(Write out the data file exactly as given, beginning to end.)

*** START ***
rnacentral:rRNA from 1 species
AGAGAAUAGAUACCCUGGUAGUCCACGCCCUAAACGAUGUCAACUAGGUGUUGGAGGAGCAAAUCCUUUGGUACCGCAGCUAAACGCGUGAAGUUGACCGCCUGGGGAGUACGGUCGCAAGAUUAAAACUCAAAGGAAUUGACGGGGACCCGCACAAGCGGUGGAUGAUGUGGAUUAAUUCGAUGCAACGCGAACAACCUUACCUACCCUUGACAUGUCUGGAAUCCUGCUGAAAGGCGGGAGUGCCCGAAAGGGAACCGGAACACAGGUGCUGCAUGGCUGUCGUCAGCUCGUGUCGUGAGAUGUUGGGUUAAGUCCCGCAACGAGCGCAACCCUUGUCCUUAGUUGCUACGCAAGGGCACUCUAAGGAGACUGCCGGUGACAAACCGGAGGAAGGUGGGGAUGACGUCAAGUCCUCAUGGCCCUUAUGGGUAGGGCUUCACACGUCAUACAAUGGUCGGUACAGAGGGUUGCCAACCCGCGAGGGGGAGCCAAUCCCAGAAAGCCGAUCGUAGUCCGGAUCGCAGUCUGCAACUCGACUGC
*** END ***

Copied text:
rnacentral:rRNA from 1 species
AGAGAAUAGAUACCCUGGUAGUCCACGCCCUAAACGAUGUCAACUAGGUGUUGGAGGAGCAAAUCCUUUGGUACCGCAGCUAAACGCGUGAAGUUGACCGCCUGGGGAGUACGGUCGCAAGAUUAAAACUCAAAGGAAUUGACGGGGACCCGCACAAGCGGUGGAUGAUGUGGAUUAAUUCGAUGCAACGCGAACAACCUUACCUACCCUUGACAUGUCUGGAAUCCUGCUGAAAGGCGGGAGUGCCCGAAAGGGAACCGGAACACAGGUGCUGCAUGGCUGUCGUCAGCUCGUGUCGUGAGAUGUUGGGUUAAGUCCCGCAACGAGCGCAACCCUUGUCCUUAGUUGCUACGCAAGGGCACUCUAAGGAGACUGCCGGUGACAAACCGGAGGAAGGUGGGGAUGACGUCAAGUCCUCAUGGCCCUUAUGGGUAGGGCUUCACACGUCAUACAAUGGUCGGUACAGAGGGUUGCCAACCCGCGAGGGGGAGCCAAUCCCAGAAAGCCGAUCGUAGUCCGGAUCGCAGUCUGCAACUCGACUGC